The SINTEF-led AEGIS project will develop automatic logistics solutions for sea and inland waterways. About NOK 32 million goes to Norwegian participants.
The need for greener transport, strain on road systems, traffic noise and dust makes transport by sea and rivers interesting as an alternative to trucks. However, the transition from road freight to shipping is developing slower than desired in both Norway and the rest of Europe.
The European Commission has therefore supported the project “Advanced, Efficient and Green Intermodal Systems” (AEGIS) with NOK 80 million to show that autonomous ships and automated ports can make transport on water much more flexible and user-friendly. AEGIS will make Europe’s transport system greener and more robust, as well as facilitating for environmentally friendly and neighborly ports and harbors, including those in cities.
– The funding of the AEGIS project is a recognition and further strengthening of Norway’s leading position in the development of autonomous shipping. The project’s focus on port operations and cargo handling means that it complements other large Norwegian projects, such as the EU project AUTOSHIP, which mainly looks at the ship, says Vegar Johansen, CEO of SINTEF Ocean in a press release (Norwegian).
The Port of Trondheim (Trondheim Havn) is also a participant in the project. Both Port of Trondheim and SINTEF are members of the Ocean Autonomy Cluster.
– AEGIS is a project that is fully in line with our strategy of port development, sustainability and increased transport of goods at sea. For us, it is especially important that this project focuses on the use of smaller and flexible vessels, digitalisation, logistics solutions and port operations. We are really looking forward to work on the AEGIS project, says Terje Meisler, Head of Maritime at Port of Trondheim, in the press release.
– Norway is the global center for innovation and development of autonomous ocean technologies and solutions, and it is inspiring that Trondheim’s cutting-edge environment on ocean autonomy, with key actors such as SINTEF and the Port of Trondheim, are accelerating the much needed transition to more flexible, robust and sustainable transport systems, says Frode Halvorsen, Cluster Manager of the Ocean Autonomy Cluster.
Three test cases
The AEGIS use cases are located in North Europe and represent typical short sea transports that need to be linked to local distribution systems. Case A is led by North Sea Container Lines in cooperation with the the Port of Trondheim. It uses small cargo shuttles to link coastal container ships to rural and urban destinations. Case B is led by DFDS and will link RORO short sea services to inland waterways. Case C in led by Port of Aalborg in cooperation with Port of Vordingborg and will examine how existing ports can use automation to facilitate the transfer of cargo from trucks to sea.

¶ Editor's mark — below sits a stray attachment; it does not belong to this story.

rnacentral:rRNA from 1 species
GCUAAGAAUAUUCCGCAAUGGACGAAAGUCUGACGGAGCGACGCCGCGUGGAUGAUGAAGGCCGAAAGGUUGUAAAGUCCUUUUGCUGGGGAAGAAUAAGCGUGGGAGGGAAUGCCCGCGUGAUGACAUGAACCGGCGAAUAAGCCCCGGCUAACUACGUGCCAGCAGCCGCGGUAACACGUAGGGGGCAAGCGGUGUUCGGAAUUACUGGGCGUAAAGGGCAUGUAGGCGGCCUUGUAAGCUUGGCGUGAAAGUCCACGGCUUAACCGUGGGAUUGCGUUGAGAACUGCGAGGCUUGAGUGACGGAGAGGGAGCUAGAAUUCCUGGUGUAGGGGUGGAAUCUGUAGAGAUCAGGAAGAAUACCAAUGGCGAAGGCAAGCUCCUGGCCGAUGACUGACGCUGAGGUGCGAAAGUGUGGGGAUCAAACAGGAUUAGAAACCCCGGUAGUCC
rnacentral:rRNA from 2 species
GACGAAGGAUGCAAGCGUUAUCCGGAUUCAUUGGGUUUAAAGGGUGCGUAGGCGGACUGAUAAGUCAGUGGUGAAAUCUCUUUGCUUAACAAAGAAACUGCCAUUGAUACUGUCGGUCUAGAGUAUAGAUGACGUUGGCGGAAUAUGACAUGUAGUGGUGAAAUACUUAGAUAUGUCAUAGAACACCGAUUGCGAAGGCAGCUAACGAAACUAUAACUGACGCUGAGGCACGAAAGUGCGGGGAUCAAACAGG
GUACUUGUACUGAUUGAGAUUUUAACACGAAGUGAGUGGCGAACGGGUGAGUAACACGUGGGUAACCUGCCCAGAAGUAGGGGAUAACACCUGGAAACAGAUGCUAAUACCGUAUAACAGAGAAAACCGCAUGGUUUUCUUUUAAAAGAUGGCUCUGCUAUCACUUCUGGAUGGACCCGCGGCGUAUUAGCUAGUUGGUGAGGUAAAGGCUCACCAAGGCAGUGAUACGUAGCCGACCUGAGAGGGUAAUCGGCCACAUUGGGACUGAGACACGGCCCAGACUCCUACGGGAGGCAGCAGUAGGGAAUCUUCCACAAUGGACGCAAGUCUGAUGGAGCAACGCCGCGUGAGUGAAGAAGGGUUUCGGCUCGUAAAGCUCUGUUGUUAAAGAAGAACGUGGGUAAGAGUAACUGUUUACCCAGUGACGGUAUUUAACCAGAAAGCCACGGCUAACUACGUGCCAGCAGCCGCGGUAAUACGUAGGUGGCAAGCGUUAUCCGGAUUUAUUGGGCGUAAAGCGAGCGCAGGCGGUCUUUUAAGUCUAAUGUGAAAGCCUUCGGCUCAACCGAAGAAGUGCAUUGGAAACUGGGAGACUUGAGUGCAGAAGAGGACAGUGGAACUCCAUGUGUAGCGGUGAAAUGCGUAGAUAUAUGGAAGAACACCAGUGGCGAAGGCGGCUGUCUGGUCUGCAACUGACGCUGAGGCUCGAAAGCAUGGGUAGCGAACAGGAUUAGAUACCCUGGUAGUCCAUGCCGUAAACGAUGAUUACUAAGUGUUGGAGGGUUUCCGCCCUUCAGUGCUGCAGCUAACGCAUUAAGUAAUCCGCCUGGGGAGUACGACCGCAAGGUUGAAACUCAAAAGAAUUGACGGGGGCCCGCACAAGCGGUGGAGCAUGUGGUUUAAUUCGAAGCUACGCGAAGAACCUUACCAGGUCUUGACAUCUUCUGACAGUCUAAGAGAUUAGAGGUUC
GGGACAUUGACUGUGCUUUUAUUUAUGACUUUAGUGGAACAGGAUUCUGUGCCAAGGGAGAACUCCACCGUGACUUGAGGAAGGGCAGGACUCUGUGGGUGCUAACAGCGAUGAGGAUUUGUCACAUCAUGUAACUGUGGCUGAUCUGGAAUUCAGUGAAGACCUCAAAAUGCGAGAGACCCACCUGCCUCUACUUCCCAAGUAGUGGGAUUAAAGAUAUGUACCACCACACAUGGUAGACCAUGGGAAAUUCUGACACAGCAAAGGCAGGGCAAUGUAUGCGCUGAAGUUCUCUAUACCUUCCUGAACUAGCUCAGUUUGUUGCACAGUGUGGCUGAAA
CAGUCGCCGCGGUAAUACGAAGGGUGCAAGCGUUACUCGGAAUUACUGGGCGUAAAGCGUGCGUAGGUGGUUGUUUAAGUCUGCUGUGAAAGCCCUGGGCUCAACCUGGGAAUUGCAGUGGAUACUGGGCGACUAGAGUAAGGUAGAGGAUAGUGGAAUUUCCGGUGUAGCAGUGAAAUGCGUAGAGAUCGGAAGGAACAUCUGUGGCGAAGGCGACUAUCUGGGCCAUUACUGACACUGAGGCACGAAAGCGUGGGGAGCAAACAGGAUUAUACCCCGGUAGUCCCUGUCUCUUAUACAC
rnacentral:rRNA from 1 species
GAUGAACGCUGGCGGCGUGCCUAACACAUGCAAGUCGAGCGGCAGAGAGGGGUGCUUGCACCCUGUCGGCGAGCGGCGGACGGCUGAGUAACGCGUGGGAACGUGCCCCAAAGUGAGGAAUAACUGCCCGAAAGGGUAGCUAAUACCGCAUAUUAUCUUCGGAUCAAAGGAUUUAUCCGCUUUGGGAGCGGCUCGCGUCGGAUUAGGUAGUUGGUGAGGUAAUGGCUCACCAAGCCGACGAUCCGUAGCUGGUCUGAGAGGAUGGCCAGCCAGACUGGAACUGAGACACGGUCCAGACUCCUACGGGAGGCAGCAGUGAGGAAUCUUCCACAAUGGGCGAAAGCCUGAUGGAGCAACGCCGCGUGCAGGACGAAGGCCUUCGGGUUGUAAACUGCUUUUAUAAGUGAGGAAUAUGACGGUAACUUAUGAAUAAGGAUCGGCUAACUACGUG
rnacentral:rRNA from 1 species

- Short sea terminals: Transport from large ports in Europe (e.g. Rotterdam) to smaller destinations along less populated coasts of Europe. This is a LOLO, and mainly container-based transport system. The idea is to use fewer terminals closer to the main fairway to increase main service speed and then shuttle cargo to final destination with small unmanned and preferably autonomous and electric vessels to increase flexibility.
- Short sea and inland shipping interface in Belgium and Netherlands: Interface between RORO transport from several North European ports to Rotterdam, Ghent and Zeebrugge and further on with waterway connections to smaller inland destinations in Flanders. The idea is to bring cargo as close to the end destination as possible (final delivery) with smaller zero emission vessels utilizing the benefits of more automation in the concepts being developed.
- Revitalizing regional ports and city centre terminals: Due to real estate development at the waterfront, the Danish SME ports in Aalborg and Vordingborg have moved out of the city centres, but is still well located. To be competitive with road transport they need to increase efficiency at its terminals to reduce costs and secure higher frequency by feeders, be competitive at the RORO segment and provide multimodal green logistics solutions combining short-sea shipping with rail transport.
Small ships and inland barges can decongest roads, reduce noise and dust pollution, while operating on batteries or other non-carbon fuels. By automating ports and terminals and use these to integrate larger long distance ship operations with new and smaller ship types, a completely new European transport system can be developed. More flexible and user centric transport, better services to rural as well as urban areas and a revitalization of the regional ports and city terminals is the goal.